Mykola Pavlovych Dyletsky was born perhaps as early as 1630 in Kyiv and lived until after 1680, and perhaps until as late as the 1720s. He composed choral and liturgical music, specializing in multiple voices. He was also a theoretician and academic who devised theories of music and rules of composition. Diletsky’s fame rests chiefly on his two-part treatise, Grammatika musikiyskago peniya (A Grammar of Music[al Singing]), the first part of which teaches the rudiments of music theory, and the second composition of a-cappella concertos, a genre that came to Russia through Ukraine and of which Diletsky was a pioneer. The Grammatika contains the first known description of the circle of fifths. According to The Encyclopedia Britannica, Dyletsky ‘introduced sopranos to church choirs.’
Maksym Sozontovych Berezovsky (c. 1745-1777) was one of the creators of the Ukrainian choral style in sacred music, and the first representative of the early Classicist style in Ukrainian music. He studied at the Kyiv Mohyla Academy and became a choirboy in the court in Saint Petersburg, where he studied under Francesco Zoppis. From 1759 to 1760 he performed as soloist with the Italian opera company in Oranienbaum near Saint Petersburg. From 1765 to 1774 he studied in Bologna, Italy, under Giovanni Battista Martini, and in 1771 gained the title of maestro di musica and became a member of the Bologna Philharmonic Academy. His works include opera, a sonata for violin and harpsichord, concertos and liturgical chants. Much of not most of Berezovsky’s work has been lost, and the discovery of his Symphony No. 11 (the first symphonic work by a composer from the Russian Empire) indicated an even greater volume of his compositions has disappeared than previously thought. Berezovsky returned to St. Petersburg in 1775 and committed suicide there as a consequence of palace intrigues.
Dmytro Stepanovych Bortniansky (1751-1825) was born in the Ukrainian city of Hlukhiv, then a part of the autonomous Cossack Hetmanate within the Russian Empire. His talent was noticed at the age of seven in the local church choir, and he was sent to St. Petersburg to sing in the Imperial Chapel Choir. There he studied under its director, the Italian master Baldassare Galuppi, who took the boy with him when he left for Italy in 1769. In Italy, Bortniansky composed operas as well as sacred works in Latin and German, both a capella and orchestral. He returned to St. Petersburg in 1779 and composed four more operas (all in French) and a number of instrumental works and liturgical music for the Orthodox Church combining styles from eastern and western Europe. In 1796, he became the first director of the Imperial Chapel Choir not to be imported from outside the Russian Empire. He held his choir, which consisted mostly of Ukrainians, to a new standard of excellence that endured after his death. The vast volume of Bortniansky’s work inspired Ukrainian composers of the 19th century.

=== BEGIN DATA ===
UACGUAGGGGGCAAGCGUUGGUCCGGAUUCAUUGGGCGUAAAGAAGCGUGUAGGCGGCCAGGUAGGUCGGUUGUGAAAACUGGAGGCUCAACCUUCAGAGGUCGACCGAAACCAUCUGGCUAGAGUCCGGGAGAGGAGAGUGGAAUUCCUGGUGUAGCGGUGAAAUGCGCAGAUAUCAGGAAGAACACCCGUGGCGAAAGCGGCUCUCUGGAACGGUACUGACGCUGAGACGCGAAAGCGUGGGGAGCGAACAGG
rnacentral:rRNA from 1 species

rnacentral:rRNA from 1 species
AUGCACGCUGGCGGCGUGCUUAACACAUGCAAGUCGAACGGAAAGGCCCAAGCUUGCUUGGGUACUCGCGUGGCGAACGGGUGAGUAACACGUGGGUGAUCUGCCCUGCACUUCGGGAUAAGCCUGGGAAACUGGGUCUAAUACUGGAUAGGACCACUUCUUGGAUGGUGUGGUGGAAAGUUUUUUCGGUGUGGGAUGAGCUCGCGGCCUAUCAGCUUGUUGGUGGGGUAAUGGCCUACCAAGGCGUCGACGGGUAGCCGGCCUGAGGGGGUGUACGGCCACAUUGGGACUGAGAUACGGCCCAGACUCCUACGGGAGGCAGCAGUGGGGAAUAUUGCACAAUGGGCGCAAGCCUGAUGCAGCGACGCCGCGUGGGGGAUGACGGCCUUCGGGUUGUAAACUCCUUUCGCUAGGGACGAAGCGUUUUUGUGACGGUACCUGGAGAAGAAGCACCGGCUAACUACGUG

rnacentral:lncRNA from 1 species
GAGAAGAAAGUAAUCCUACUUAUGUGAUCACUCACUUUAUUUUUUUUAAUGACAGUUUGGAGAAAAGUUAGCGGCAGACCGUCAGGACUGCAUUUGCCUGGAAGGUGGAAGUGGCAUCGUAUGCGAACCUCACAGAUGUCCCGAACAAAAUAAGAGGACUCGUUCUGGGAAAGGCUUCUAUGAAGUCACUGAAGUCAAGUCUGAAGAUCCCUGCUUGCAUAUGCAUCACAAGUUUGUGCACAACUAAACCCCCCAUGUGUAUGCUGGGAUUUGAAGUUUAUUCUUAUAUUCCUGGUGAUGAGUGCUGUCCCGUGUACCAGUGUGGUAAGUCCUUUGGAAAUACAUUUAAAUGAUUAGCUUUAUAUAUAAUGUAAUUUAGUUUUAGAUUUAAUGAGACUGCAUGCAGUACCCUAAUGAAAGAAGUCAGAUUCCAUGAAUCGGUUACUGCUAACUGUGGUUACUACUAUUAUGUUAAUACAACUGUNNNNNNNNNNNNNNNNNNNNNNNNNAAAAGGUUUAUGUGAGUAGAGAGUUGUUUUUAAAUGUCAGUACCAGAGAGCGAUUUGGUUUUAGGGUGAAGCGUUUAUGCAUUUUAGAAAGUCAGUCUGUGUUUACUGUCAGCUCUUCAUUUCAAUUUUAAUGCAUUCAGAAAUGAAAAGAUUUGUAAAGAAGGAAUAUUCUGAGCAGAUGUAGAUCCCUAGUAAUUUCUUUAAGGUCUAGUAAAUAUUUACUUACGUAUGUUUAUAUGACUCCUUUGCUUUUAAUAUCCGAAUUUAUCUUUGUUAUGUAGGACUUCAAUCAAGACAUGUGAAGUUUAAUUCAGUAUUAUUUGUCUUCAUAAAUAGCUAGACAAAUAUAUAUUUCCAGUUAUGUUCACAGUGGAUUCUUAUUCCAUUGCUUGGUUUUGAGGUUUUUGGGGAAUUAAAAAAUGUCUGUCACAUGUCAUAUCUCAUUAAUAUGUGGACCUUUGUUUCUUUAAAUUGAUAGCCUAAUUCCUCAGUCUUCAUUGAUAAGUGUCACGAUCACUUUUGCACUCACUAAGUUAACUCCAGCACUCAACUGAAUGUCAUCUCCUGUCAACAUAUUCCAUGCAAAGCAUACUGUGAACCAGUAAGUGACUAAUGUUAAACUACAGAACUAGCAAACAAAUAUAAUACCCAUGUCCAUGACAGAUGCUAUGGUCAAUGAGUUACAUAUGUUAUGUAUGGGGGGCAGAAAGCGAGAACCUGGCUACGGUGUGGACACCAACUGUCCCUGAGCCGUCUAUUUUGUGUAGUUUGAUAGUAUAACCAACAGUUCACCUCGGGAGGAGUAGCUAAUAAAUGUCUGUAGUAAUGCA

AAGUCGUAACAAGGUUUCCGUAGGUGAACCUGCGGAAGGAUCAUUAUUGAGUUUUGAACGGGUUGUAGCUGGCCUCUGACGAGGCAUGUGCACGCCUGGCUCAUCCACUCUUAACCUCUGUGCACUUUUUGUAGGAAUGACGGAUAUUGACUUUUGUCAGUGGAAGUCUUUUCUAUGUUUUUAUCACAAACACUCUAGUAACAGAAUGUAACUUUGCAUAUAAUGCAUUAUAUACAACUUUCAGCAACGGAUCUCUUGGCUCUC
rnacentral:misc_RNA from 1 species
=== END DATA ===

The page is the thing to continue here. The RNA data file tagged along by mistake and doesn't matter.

Artem Lukianovych Vedel (c. 1767-1808) is considered – together with Maksym Berezovsky and Dmytro Bortniansky – to be one of the ‘Big Three’ Ukrainian composers of the period. Vedel studied at the Kyiv Mohyla Academy until 1787, when he was sent to Moscow to conduct the choir of a governor-general. In 1792 he asked to be relieved of his duties and returned to Kyiv, where he was to conduct a military choir under the command of General Andrei Levanidov. In 1796, Vedel accompanied Levanidov to Kharkiv to conduct the Kharkiv College choir, but Tsar Paul I decreed that the performance in churches of any form of music other than that for the Divine Liturgy was to be prohibited. This ban on choral music inhibited Vedel and the development of music in Ukraine. In 1798, Paul I removed Gen. Levanidov from his post, and Vedel was left without a benefactor. He returned to Kyiv and briefly joined the Kyivan Cave Monastery to try to continue his work. But he left the monastery, disappointed with the lack of spirituality in monastic life, and was soon banished to a mental asylum after church authorities accused him of scribbling something irreverent in the margins of a religious book. Vedel’s creative work came to an end, and he died within a few years. His works were banned for over a century after his death. Vedel is considered the chief representative of the Cossack baroque style in Ukrainian music. His legacy consists entirely of church choral music.
Hryhorii Savych Skovoroda (1722-1794) was a philosopher, poet, teacher and composer of Cossack background. He received his education at Kyiv Mohyla Academy but did not graduate, living the life of an itinerant beggar. In 1741, his uncle arranged for him to be taken from Kyiv to sing in the imperial choir in Moscow and St. Petersburg. He returned to Kyiv in 1744, then spent the period from 1745-1750 in the Kingdom of Hungary and perhaps other parts of Europe. He returned to Ukraine in 1750 and taught poetics in Pereyaslav. He is best known for his writings, particularly great philosophical works, but he also composed liturgical music and songs that became the basis for Ukrainian folk music. Many of his philosophical songs – known as Skovorodskie psalmy – were part of the repertoire of blind travelling folk musicians known as kobzars.